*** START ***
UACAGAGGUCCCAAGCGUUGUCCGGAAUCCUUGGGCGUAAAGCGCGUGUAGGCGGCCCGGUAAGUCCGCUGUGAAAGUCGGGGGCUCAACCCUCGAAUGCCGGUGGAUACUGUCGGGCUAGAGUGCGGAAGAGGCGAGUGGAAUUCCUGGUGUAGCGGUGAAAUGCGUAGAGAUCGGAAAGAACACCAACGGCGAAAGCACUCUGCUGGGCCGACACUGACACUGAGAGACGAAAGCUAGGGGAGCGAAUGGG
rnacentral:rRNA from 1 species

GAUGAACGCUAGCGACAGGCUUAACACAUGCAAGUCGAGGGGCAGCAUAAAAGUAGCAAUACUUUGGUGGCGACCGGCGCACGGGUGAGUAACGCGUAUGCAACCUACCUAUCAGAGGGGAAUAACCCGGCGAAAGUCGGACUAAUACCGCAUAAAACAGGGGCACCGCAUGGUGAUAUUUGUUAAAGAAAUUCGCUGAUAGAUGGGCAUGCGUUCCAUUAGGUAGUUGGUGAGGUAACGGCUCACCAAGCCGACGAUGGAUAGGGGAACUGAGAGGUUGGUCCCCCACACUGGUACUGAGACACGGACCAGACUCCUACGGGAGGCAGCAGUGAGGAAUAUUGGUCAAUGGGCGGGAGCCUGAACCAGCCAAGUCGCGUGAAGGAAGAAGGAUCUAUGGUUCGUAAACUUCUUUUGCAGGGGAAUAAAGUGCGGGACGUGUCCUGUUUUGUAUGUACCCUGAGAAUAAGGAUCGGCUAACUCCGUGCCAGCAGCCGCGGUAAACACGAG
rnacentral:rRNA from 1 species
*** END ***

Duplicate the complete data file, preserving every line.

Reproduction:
UACAGAGGUCCCAAGCGUUGUCCGGAAUCCUUGGGCGUAAAGCGCGUGUAGGCGGCCCGGUAAGUCCGCUGUGAAAGUCGGGGGCUCAACCCUCGAAUGCCGGUGGAUACUGUCGGGCUAGAGUGCGGAAGAGGCGAGUGGAAUUCCUGGUGUAGCGGUGAAAUGCGUAGAGAUCGGAAAGAACACCAACGGCGAAAGCACUCUGCUGGGCCGACACUGACACUGAGAGACGAAAGCUAGGGGAGCGAAUGGG
rnacentral:rRNA from 1 species

GAUGAACGCUAGCGACAGGCUUAACACAUGCAAGUCGAGGGGCAGCAUAAAAGUAGCAAUACUUUGGUGGCGACCGGCGCACGGGUGAGUAACGCGUAUGCAACCUACCUAUCAGAGGGGAAUAACCCGGCGAAAGUCGGACUAAUACCGCAUAAAACAGGGGCACCGCAUGGUGAUAUUUGUUAAAGAAAUUCGCUGAUAGAUGGGCAUGCGUUCCAUUAGGUAGUUGGUGAGGUAACGGCUCACCAAGCCGACGAUGGAUAGGGGAACUGAGAGGUUGGUCCCCCACACUGGUACUGAGACACGGACCAGACUCCUACGGGAGGCAGCAGUGAGGAAUAUUGGUCAAUGGGCGGGAGCCUGAACCAGCCAAGUCGCGUGAAGGAAGAAGGAUCUAUGGUUCGUAAACUUCUUUUGCAGGGGAAUAAAGUGCGGGACGUGUCCUGUUUUGUAUGUACCCUGAGAAUAAGGAUCGGCUAACUCCGUGCCAGCAGCCGCGGUAAACACGAG
rnacentral:rRNA from 1 species